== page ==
Medline: 10561291

The abstract Journal of Clinical Oncology 17(8): 2300-2308, 1999. is available online.

The fulltext Journal of Clinical Oncology 17(8): 2300-2308, 1999. may be available online for subscribers.

Randomized study of CODE versus alternating CAV/EP for extensive-stage small-cell lung cancer: an intergroup study of the National Cancer Institute of Canada Clinical Trials Group and the Southwest Oncology Group.

Murray N, Livingston RB, Shepherd FA, et al.

Abstract:

Purpose:
To determine whether an intensive weekly chemotherapy regimen plus thoracic irradiation is superior to standard chemotherapy in the treatment of extensive-stage small-cell lung cancer (ESCLC).

Patients and Methods:
Patients with ESCLC were considered eligible for the study if they were younger than 68 years, had a performance status of 0 to 2, and were free of brain metastases. Patients were randomized to receive cisplatin, vincristine, doxorubicin, and etoposide (CODE) or alternating cyclophosphamide, doxorubicin, vincristine/etoposide and cisplatin (CAV/EP). Consolidative thoracic irradiation and prophylactic cranial irradiation were given to patients responding to CODE and according to investigator discretion on the CAV/EP arm.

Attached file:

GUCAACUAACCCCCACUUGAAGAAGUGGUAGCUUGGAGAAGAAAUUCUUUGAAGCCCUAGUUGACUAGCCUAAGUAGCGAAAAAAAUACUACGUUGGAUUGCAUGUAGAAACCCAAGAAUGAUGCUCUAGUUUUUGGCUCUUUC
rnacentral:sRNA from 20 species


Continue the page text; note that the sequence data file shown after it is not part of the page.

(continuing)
Results:
The fidelity of drug delivery on both drug regimens was equal, and more than 70% of all patients received the intended protocol chemotherapy. Although rates of neutropenic fever were similar, nine (8.2%) of 110 patients on the CODE arm died during chemotherapy, whereas one (0.9%) of 109 patients died on the CAV/EP arm. Response rates after chemotherapy were higher (P =.006) with CODE (87%) than with CAV/EP (70%). However, progression-free survival (median of 0.66 years on both arms) and overall survival (median, 0.98 years for CODE and 0. 91 years for CAV/EP) were not statistically different.

Conclusion:
The CODE regimen increased two-fold the received dose-intensity of four of the most active drugs in small-cell lung cancer compared with the standard CAV/EP regimen while maintaining an approximately equal total dose. Despite supportive care (but not routine prophylactic use of granulocyte colony-stimulating factor), there was excessive toxic mortality with the CODE regimen. The response rate with CODE was higher than that of CAV/EP, but progression-free and overall survival were not significantly improved. In view of increased toxicity and similar efficacy, the CODE chemotherapy regimen is not recommended for treatment of ESCLC.


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